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Francis Bacon founded his grand-scale project of a Great Instauration on what he has claimed to be a new and reformed natural history. This claim has been often taken for granted by Baconian scholars. This paper investigates some possible roots of Baconian natural history and discusses a number of features common to Bacon’s conception of natural history and to other natural historical writings belonging to the same cultural context: the Neo-Stoic and Protestant revival of late sixteenth-century and early seventeenth-century England. My investigation focuses on one of the characteristic features Baconian natural history shares with other natural historical writings belonging to this cultural milieu, namely the claim that an empirical study of nature has moral and therapeutic benefits for the human mind.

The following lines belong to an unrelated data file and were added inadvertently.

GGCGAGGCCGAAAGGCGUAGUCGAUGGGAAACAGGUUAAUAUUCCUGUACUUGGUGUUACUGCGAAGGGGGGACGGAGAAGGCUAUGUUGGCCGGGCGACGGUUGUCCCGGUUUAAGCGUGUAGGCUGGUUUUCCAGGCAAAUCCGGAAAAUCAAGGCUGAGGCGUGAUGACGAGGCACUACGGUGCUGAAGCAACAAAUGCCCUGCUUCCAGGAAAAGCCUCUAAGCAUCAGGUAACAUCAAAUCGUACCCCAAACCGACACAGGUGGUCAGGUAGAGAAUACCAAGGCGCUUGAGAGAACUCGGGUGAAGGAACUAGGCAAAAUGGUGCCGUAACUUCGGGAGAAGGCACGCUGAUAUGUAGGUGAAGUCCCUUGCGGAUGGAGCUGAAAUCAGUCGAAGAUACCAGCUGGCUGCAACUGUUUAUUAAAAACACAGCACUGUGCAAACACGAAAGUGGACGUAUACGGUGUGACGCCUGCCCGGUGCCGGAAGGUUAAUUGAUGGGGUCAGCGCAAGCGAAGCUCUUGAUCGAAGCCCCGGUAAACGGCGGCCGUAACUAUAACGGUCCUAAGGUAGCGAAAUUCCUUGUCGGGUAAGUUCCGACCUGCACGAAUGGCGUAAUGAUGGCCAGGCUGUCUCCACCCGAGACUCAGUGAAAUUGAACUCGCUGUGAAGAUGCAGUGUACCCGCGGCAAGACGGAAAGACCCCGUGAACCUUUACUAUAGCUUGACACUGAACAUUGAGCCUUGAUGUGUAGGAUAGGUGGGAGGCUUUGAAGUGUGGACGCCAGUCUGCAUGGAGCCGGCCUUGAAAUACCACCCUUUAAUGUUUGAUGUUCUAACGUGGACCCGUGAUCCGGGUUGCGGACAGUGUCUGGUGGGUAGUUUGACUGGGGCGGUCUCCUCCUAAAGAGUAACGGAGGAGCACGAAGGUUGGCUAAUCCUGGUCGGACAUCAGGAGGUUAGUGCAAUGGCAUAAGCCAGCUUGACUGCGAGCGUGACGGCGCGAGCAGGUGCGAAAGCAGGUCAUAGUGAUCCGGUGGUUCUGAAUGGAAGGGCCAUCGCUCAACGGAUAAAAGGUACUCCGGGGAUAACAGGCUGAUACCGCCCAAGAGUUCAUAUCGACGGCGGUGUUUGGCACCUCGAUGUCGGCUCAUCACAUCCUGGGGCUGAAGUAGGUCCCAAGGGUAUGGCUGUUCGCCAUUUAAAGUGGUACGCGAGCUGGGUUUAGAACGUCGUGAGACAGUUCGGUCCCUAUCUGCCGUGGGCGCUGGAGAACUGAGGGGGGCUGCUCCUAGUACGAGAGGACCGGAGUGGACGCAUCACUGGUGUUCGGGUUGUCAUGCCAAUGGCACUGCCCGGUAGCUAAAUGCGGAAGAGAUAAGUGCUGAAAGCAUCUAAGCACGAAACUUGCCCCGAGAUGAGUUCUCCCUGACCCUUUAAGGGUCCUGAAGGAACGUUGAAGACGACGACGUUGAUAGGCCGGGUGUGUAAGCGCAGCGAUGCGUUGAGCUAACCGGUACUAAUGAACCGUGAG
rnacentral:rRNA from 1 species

How to Cite
JALOBEANU, Dana. Natural history and the medicine of the mind: the roots of Francis Bacon`s Great Instauration. Annals of the University of Bucharest - Philosophy Series, [S.l.], v. 61, n. 1, june 2015. ISSN 0068-3175. Available at: <http://annals.ub-filosofie.ro/index.php/annals/article/view/107>. Date accessed: 22 may 2019.